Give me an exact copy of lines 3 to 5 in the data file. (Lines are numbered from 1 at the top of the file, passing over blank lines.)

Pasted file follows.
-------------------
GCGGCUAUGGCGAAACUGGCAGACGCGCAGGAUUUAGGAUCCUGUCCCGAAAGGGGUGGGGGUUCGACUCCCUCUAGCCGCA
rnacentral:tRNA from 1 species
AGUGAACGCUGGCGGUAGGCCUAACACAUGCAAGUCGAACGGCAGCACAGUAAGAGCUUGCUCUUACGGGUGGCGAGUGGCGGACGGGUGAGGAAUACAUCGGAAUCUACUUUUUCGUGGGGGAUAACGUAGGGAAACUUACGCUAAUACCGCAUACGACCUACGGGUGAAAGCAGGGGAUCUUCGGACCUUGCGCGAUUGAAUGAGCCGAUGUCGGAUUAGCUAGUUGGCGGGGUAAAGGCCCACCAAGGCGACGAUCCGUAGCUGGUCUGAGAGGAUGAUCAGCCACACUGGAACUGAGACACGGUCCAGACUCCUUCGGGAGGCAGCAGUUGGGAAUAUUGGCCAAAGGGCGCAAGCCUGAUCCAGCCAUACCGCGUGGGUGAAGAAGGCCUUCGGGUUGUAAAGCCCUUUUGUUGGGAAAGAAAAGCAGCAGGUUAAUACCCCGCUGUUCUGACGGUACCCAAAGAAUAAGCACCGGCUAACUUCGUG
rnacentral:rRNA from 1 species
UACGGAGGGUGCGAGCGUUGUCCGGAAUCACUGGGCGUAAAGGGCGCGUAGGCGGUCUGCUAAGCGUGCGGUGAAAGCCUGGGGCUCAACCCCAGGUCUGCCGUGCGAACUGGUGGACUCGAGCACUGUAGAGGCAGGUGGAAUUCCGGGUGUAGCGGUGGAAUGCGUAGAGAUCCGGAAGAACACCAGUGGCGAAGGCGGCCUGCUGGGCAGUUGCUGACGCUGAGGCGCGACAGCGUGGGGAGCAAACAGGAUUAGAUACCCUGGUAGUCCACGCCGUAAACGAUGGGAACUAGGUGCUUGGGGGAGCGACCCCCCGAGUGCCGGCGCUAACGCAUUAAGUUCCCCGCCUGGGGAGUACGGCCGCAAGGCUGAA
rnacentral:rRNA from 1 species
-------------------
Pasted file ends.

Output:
AGUGAACGCUGGCGGUAGGCCUAACACAUGCAAGUCGAACGGCAGCACAGUAAGAGCUUGCUCUUACGGGUGGCGAGUGGCGGACGGGUGAGGAAUACAUCGGAAUCUACUUUUUCGUGGGGGAUAACGUAGGGAAACUUACGCUAAUACCGCAUACGACCUACGGGUGAAAGCAGGGGAUCUUCGGACCUUGCGCGAUUGAAUGAGCCGAUGUCGGAUUAGCUAGUUGGCGGGGUAAAGGCCCACCAAGGCGACGAUCCGUAGCUGGUCUGAGAGGAUGAUCAGCCACACUGGAACUGAGACACGGUCCAGACUCCUUCGGGAGGCAGCAGUUGGGAAUAUUGGCCAAAGGGCGCAAGCCUGAUCCAGCCAUACCGCGUGGGUGAAGAAGGCCUUCGGGUUGUAAAGCCCUUUUGUUGGGAAAGAAAAGCAGCAGGUUAAUACCCCGCUGUUCUGACGGUACCCAAAGAAUAAGCACCGGCUAACUUCGUG
rnacentral:rRNA from 1 species
UACGGAGGGUGCGAGCGUUGUCCGGAAUCACUGGGCGUAAAGGGCGCGUAGGCGGUCUGCUAAGCGUGCGGUGAAAGCCUGGGGCUCAACCCCAGGUCUGCCGUGCGAACUGGUGGACUCGAGCACUGUAGAGGCAGGUGGAAUUCCGGGUGUAGCGGUGGAAUGCGUAGAGAUCCGGAAGAACACCAGUGGCGAAGGCGGCCUGCUGGGCAGUUGCUGACGCUGAGGCGCGACAGCGUGGGGAGCAAACAGGAUUAGAUACCCUGGUAGUCCACGCCGUAAACGAUGGGAACUAGGUGCUUGGGGGAGCGACCCCCCGAGUGCCGGCGCUAACGCAUUAAGUUCCCCGCCUGGGGAGUACGGCCGCAAGGCUGAA